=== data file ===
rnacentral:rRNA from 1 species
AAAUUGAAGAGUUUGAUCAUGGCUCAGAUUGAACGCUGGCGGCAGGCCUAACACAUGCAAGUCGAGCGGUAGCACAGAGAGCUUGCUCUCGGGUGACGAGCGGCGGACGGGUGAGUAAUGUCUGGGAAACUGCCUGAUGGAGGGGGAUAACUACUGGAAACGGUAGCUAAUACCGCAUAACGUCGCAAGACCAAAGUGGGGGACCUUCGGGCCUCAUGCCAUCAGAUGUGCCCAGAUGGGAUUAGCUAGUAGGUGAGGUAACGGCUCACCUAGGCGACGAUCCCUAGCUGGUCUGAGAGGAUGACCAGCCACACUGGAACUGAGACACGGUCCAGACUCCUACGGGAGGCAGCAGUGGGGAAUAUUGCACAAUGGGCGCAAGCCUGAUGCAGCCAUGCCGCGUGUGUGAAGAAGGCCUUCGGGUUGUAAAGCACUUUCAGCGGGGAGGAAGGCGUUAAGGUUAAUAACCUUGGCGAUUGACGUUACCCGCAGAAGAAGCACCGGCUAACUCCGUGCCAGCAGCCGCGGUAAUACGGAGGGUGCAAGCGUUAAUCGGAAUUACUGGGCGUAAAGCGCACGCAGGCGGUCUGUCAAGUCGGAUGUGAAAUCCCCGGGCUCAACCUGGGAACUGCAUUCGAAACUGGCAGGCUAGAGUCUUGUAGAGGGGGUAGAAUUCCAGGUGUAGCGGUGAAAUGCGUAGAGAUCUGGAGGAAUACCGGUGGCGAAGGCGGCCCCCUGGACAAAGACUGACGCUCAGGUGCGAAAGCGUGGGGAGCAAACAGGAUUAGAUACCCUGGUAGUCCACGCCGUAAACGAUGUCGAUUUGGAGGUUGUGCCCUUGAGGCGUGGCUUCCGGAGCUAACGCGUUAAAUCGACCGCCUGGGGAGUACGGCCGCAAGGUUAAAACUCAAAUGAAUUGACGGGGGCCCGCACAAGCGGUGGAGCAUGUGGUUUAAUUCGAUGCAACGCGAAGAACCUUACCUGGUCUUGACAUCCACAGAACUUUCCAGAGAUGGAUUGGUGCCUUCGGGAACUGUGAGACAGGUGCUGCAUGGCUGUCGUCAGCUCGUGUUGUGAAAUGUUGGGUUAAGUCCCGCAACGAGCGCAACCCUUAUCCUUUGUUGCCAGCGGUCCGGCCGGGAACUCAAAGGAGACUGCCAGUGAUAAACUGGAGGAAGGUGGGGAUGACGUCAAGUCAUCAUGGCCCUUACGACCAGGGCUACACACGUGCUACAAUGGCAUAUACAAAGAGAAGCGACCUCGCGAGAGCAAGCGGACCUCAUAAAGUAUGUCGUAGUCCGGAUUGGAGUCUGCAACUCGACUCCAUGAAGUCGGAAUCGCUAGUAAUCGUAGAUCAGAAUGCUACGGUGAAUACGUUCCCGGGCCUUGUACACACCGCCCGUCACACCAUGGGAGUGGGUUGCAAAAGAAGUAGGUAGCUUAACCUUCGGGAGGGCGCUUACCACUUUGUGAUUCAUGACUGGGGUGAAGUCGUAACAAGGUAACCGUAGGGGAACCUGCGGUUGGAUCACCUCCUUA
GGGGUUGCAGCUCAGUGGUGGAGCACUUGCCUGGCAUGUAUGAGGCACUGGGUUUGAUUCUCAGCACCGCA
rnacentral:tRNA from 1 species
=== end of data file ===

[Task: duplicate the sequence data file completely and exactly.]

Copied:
rnacentral:rRNA from 1 species
AAAUUGAAGAGUUUGAUCAUGGCUCAGAUUGAACGCUGGCGGCAGGCCUAACACAUGCAAGUCGAGCGGUAGCACAGAGAGCUUGCUCUCGGGUGACGAGCGGCGGACGGGUGAGUAAUGUCUGGGAAACUGCCUGAUGGAGGGGGAUAACUACUGGAAACGGUAGCUAAUACCGCAUAACGUCGCAAGACCAAAGUGGGGGACCUUCGGGCCUCAUGCCAUCAGAUGUGCCCAGAUGGGAUUAGCUAGUAGGUGAGGUAACGGCUCACCUAGGCGACGAUCCCUAGCUGGUCUGAGAGGAUGACCAGCCACACUGGAACUGAGACACGGUCCAGACUCCUACGGGAGGCAGCAGUGGGGAAUAUUGCACAAUGGGCGCAAGCCUGAUGCAGCCAUGCCGCGUGUGUGAAGAAGGCCUUCGGGUUGUAAAGCACUUUCAGCGGGGAGGAAGGCGUUAAGGUUAAUAACCUUGGCGAUUGACGUUACCCGCAGAAGAAGCACCGGCUAACUCCGUGCCAGCAGCCGCGGUAAUACGGAGGGUGCAAGCGUUAAUCGGAAUUACUGGGCGUAAAGCGCACGCAGGCGGUCUGUCAAGUCGGAUGUGAAAUCCCCGGGCUCAACCUGGGAACUGCAUUCGAAACUGGCAGGCUAGAGUCUUGUAGAGGGGGUAGAAUUCCAGGUGUAGCGGUGAAAUGCGUAGAGAUCUGGAGGAAUACCGGUGGCGAAGGCGGCCCCCUGGACAAAGACUGACGCUCAGGUGCGAAAGCGUGGGGAGCAAACAGGAUUAGAUACCCUGGUAGUCCACGCCGUAAACGAUGUCGAUUUGGAGGUUGUGCCCUUGAGGCGUGGCUUCCGGAGCUAACGCGUUAAAUCGACCGCCUGGGGAGUACGGCCGCAAGGUUAAAACUCAAAUGAAUUGACGGGGGCCCGCACAAGCGGUGGAGCAUGUGGUUUAAUUCGAUGCAACGCGAAGAACCUUACCUGGUCUUGACAUCCACAGAACUUUCCAGAGAUGGAUUGGUGCCUUCGGGAACUGUGAGACAGGUGCUGCAUGGCUGUCGUCAGCUCGUGUUGUGAAAUGUUGGGUUAAGUCCCGCAACGAGCGCAACCCUUAUCCUUUGUUGCCAGCGGUCCGGCCGGGAACUCAAAGGAGACUGCCAGUGAUAAACUGGAGGAAGGUGGGGAUGACGUCAAGUCAUCAUGGCCCUUACGACCAGGGCUACACACGUGCUACAAUGGCAUAUACAAAGAGAAGCGACCUCGCGAGAGCAAGCGGACCUCAUAAAGUAUGUCGUAGUCCGGAUUGGAGUCUGCAACUCGACUCCAUGAAGUCGGAAUCGCUAGUAAUCGUAGAUCAGAAUGCUACGGUGAAUACGUUCCCGGGCCUUGUACACACCGCCCGUCACACCAUGGGAGUGGGUUGCAAAAGAAGUAGGUAGCUUAACCUUCGGGAGGGCGCUUACCACUUUGUGAUUCAUGACUGGGGUGAAGUCGUAACAAGGUAACCGUAGGGGAACCUGCGGUUGGAUCACCUCCUUA
GGGGUUGCAGCUCAGUGGUGGAGCACUUGCCUGGCAUGUAUGAGGCACUGGGUUUGAUUCUCAGCACCGCA
rnacentral:tRNA from 1 species